Apparently, California ranks as the nation's largest state when it comes to solar installations, but, rather surprisingly, New Jersey takes the second spot away from such sun-rich states as those situated in the southwestern part of the country and also ranks in the top ten worldwide. The state currently has over 2,500 installations and will soon be adding two more. Nexus Properties has announced that new solar installations will be installed on the rooftops of Clinton Commons and Station Plaza Park & Ride, which flank the local Amtrak station. According to the press release pasted after the break, each roof-mounted solar field will have six-hundred-sixty-two individual solar panels which will measure 2.5 feet by 5 feet. These new installations will combine to reduce electric consumption at the garages by 467,500 kwh annually.
Bill Harris, vice president of operations for Nexus envisions a day when "electric vehicles gain in popularity, [and] we'll be able to convert additional parking spaces to docking stations." There is quite a bit more information, so be sure to hit the break for all the details.
NJ Ranks #2 for Solar Installations
Nexus Properties has begun installing fields of solar glass panels on the rooftops of their two large parking garages flanking the Trenton AMTRAK/NJ Transit station -- a first for commuter parking garages in New Jersey.
The solarization of the two parking garages reinforces the state's smart growth strategies, said Joseph L Fiordaliso, Commissioner of the New Jersey Board of Public Utilities. "New Jersey ranks second to California in solar installation in the United States; we're in the top 10 worldwide," he proudly added. "We now have over 2,500 solar installations completed. What Nexus is doing and what we're doing as a state is very impressive and environmentally important."
Andrea Sussman, a managing member of Nexus, said the solar fields will be installed on the rooftops of Clinton Commons and Station Plaza Park & Ride. Each field will contain 662 individual solar panels that measure 2.5 feet by 5 feet. The combined solar fields are expected to reduce electric consumption at the garages by 467,500 kwh annually -- enough energy savings to heat and light 50 homes for a year, according to PSE&G.
On many days, the solar fields will generate surplus energy that will be routed to PSE&G's electronic grid, said Bill Harris, vice president of operations for Nexus. He said Nexus will also prepare several docking stations in each of the garages for electric vehicles.
"Parking patrons utilizing this form of renewable energy will have their cars recharged by the power of the sun while they take mass transit to and from their place of work," he said. "As electric vehicles gain in popularity, we'll be able to convert additional parking spaces to docking stations."
Sussman said the Lawrenceville-based developer is responding to the increased attention cities and the state are giving to improving sustainability and the reduction of carbon emissions. "At Nexus, we're looking at new, creative ways to incorporate green products, sustainable technologies and energy efficiencies into commercial buildings and now -- parking facilities."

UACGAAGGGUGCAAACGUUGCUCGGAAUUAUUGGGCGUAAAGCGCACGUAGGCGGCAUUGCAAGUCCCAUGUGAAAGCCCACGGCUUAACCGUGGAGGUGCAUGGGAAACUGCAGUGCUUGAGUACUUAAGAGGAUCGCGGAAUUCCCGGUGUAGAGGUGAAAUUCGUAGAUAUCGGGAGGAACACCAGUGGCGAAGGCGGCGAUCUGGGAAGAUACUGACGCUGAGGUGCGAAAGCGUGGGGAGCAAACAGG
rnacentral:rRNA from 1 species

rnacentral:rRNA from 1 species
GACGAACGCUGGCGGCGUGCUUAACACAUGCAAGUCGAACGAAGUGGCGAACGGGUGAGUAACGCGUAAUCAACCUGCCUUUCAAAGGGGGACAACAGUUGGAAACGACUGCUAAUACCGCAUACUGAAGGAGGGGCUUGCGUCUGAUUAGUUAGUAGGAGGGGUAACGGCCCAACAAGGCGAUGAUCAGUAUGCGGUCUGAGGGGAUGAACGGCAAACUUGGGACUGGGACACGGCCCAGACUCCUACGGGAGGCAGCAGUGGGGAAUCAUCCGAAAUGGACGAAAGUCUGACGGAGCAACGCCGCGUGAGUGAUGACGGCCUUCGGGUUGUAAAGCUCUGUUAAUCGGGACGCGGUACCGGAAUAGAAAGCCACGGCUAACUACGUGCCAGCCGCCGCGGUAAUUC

The solar project is the first of several projects Nexus is planning to develop within walking distance of the new, $75 million Trenton Amtrak/NJ Transit station. Station Plaza One, a 20-story, 600,000 square foot office tower for New Jersey's state capitol, will be built directly across from the train station. It's scheduled to open by 2011. A second, twin tower will contain a mix of performing theater and art space, retail space as well as offices and potentially a hotel and other amenities.
In keeping with the growing and important sustainability movement, Station Plaza One is expected to qualify for Gold LEED certification, offering tenants a more energy efficient and enjoyable place to work, Sussman said. "Ample natural light will be afforded through an enclosed two-story glass atrium and large floor to ceiling windows; a state-of-the-art building system will be designed to create greater lighting efficiency and climate control for the building's tenants," she said.
The environmental impacts of constructing and using buildings are staggering, according to a recent issue of Urban Land magazine. They constitute 35% percent of the energy and 40% of the material resources consumed, 25% of the solid waste generated and 35% of the greenhouse gases emitted in the United States.
Commissioner Fiordaliso emphasized that communities must not only build their way to sustainable future, but also conserve their way to it. "The average home emits more CO2 than the average car. Consumers can help the environment by using energy efficient lighting, lowering thermostats in the winter and raising them in the summer, buying energy efficient appliances. There's a lot of low-hanging fruit that we can all go after in our homes."
The solar project, he said, is an example of low-hanging fruit in the commercial sector. "It will save money while also keeping pounds of carbon dioxide out of the air annually," he said.
Sussman said the project, which will employ 15 to 20 skilled union craftsmen and laborers, will be finished before November 21.
"Our world is changing very rapidly, with resources like oil becoming more scarce," Sussman said. "Everyone's feeling the pain of the price of gas. The upside is that we're investing in solar, wind and other forms of alternative energy," she explained. "Additionally, more people are going to start thinking of living closer to where they work, taking mass transit and purchasing electric and battery powered cars. The retooling of the carbon economy is underway."
[Source: Nexus Properties]